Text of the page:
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Hi Beth, I noticed that in the vibrato lessons, yours and Dr Redfield's words are conflicting in terms of whether the hand should rock forward from a neutral position or backward. Why is that? In practising, I find that for 2nd and 3rd fingers, it's easier for the hand to knock forward. But with the 1st finger there's little room of motion and I prefer to use Dr. Redfield's method. Is it ok to use different motion for different fingers?

1 Responses
Posted: February 19, 2011
Last Comment: February 19, 2011

Beth Blackerby
Posted: February 19, 2011
Hi Michelle - welcome! That's a great question. I can absolutely see how that sounds conflicting. In my demonstration, the forward motion is from a non-neutral position. It's from the rocked-back position moving forward to neutral. I spent so long analyzing the basic pulse of this motion. Many teachers describe the motion as one that starts neutral, then rocks back. That is true, but I like to describe the impetus of the motion. There is a quick contraction of the forearm muscles on the underside of the arm. Those muscles pull the hand forward. Then when they relax, the hand flops backward. And the harder and quicker the contraction, the further the hand will rebound back.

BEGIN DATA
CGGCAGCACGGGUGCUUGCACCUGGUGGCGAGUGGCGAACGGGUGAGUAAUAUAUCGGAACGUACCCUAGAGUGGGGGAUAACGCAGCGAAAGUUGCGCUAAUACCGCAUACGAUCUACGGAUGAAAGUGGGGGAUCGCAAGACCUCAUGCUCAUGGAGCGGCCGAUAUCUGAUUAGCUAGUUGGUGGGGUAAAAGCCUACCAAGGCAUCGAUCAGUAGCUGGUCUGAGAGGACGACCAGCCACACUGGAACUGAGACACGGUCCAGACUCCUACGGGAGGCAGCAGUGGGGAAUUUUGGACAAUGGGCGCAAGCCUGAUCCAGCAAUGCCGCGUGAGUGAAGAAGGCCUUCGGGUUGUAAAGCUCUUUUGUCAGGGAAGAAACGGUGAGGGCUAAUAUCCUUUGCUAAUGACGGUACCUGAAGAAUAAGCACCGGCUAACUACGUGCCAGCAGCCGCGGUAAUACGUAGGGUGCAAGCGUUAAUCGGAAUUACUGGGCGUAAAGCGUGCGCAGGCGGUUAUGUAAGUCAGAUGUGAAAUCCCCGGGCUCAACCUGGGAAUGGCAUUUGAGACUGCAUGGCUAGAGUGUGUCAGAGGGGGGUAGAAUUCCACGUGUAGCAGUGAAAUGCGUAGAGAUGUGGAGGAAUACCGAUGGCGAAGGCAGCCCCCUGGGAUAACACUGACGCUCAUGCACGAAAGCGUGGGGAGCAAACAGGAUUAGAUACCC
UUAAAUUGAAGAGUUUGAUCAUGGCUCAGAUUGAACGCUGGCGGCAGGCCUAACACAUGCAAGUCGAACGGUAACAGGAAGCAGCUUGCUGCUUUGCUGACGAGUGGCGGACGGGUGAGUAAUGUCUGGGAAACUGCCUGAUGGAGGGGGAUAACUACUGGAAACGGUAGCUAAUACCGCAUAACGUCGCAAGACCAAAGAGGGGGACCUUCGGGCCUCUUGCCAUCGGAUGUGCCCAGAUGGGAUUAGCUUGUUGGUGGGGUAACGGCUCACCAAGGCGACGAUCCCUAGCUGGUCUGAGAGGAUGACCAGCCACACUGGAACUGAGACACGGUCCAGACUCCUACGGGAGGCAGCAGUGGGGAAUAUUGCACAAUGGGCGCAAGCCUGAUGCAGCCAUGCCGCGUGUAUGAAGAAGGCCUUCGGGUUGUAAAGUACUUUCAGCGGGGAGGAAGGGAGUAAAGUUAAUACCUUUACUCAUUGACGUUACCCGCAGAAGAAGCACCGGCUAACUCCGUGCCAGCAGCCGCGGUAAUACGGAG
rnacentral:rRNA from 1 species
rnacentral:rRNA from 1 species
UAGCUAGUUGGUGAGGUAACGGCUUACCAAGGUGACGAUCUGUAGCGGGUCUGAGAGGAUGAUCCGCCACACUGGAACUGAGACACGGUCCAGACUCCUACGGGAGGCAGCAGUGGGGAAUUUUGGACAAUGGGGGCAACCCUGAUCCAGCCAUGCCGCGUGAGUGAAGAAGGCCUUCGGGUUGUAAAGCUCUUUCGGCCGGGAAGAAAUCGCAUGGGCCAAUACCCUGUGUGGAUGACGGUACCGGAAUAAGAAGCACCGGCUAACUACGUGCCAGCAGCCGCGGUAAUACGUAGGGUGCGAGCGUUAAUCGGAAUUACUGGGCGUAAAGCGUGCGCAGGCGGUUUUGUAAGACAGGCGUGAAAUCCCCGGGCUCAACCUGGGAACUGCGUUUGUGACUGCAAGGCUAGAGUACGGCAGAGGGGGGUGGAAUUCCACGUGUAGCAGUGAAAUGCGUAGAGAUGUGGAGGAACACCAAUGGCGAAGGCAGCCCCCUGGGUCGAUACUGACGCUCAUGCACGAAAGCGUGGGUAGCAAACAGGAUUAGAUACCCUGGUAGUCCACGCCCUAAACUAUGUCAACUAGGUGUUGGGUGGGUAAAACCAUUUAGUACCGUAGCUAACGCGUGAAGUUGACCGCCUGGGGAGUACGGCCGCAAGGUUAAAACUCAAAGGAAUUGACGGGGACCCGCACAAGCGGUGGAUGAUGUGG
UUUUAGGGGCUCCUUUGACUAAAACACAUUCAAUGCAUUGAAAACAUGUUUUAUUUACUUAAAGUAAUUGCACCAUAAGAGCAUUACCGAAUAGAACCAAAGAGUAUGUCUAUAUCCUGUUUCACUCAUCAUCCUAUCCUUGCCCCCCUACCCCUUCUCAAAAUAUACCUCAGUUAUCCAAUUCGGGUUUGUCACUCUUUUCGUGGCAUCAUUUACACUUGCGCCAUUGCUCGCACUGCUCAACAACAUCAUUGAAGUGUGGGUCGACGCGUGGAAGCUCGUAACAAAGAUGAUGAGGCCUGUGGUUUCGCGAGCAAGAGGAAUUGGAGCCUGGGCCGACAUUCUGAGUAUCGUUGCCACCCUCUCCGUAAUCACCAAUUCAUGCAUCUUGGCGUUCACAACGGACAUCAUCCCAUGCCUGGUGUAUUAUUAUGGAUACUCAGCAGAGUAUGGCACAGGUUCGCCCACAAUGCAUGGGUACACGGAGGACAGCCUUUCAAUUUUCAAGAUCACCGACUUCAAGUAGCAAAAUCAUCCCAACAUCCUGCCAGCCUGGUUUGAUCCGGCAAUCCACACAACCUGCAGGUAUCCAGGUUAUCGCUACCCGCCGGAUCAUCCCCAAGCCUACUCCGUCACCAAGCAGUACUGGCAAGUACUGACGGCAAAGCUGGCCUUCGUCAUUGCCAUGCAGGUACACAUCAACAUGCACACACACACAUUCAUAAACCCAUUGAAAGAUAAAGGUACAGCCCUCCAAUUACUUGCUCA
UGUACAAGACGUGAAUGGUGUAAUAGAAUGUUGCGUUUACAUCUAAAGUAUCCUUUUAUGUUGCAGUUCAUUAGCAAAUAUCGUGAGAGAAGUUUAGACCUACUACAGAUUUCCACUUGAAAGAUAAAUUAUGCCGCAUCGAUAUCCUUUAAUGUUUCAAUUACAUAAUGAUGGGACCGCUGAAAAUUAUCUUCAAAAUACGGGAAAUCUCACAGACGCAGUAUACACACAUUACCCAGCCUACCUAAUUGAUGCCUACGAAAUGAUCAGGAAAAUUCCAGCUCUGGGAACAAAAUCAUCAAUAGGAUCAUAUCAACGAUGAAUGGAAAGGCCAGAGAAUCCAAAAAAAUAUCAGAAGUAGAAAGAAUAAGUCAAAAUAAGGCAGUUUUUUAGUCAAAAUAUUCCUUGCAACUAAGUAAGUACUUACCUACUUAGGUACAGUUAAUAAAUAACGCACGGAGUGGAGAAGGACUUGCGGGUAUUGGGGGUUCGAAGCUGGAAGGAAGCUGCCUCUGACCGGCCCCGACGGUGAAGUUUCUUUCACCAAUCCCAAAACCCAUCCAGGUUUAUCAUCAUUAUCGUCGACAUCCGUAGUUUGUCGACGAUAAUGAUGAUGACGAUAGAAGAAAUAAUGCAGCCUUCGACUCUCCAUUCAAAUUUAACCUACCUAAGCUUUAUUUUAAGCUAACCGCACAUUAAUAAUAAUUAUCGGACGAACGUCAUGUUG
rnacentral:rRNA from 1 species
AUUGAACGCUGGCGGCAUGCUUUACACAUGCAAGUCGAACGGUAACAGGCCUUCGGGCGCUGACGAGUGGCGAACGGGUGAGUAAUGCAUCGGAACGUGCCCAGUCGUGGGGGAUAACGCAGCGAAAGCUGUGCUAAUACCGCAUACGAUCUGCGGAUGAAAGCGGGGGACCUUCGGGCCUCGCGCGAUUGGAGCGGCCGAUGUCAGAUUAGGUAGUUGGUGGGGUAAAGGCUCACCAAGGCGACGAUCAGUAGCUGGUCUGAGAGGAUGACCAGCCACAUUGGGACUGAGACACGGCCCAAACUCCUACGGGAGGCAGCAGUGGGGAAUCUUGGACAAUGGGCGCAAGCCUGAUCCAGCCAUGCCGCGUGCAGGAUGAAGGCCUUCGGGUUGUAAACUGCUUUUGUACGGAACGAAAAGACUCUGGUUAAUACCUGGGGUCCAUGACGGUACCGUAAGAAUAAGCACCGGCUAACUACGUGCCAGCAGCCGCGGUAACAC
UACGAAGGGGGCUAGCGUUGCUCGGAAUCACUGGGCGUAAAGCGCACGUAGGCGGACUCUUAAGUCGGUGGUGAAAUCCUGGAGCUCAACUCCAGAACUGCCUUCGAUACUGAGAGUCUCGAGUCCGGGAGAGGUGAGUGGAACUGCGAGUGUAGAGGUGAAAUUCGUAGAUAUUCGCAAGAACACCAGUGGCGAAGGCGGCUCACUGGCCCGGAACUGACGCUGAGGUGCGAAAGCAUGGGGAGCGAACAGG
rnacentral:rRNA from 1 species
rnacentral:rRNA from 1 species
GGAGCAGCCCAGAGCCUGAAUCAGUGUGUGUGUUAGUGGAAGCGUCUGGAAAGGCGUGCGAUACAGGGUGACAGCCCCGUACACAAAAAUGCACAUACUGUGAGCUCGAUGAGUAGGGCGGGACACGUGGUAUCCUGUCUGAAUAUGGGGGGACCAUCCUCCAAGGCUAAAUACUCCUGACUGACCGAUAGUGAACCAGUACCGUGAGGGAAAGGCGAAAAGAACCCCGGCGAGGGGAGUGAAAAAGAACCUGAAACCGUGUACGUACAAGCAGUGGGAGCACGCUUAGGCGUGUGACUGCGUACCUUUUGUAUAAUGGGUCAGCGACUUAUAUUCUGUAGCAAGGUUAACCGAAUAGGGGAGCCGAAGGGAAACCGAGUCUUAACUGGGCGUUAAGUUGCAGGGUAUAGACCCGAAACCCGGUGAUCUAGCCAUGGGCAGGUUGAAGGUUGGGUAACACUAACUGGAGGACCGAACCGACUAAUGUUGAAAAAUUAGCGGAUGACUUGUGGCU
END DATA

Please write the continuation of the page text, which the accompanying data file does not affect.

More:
We are talking about the same hand position, from neutral to backward, but are describing the motion differently, hence the conflicting terms.

As for the 1st finger (always the hardest, BTW), as there is less room as you stated, you can get more vibrato motion with the give and take of the knuckle itself. Also, I often knock the E peg when I'm vibrating 1st finger in 1st position. That's actually a good exercise goal: Try and hit the peg when you vibrate 1st finger.

Without seeing what you're doing, my only word of caution is to make sure your not vibrating above the pitch. Other than that, whatever compensations you're making for the 1st finger is probably ok. I'd be happy to take a look if you want to post a video ; ^)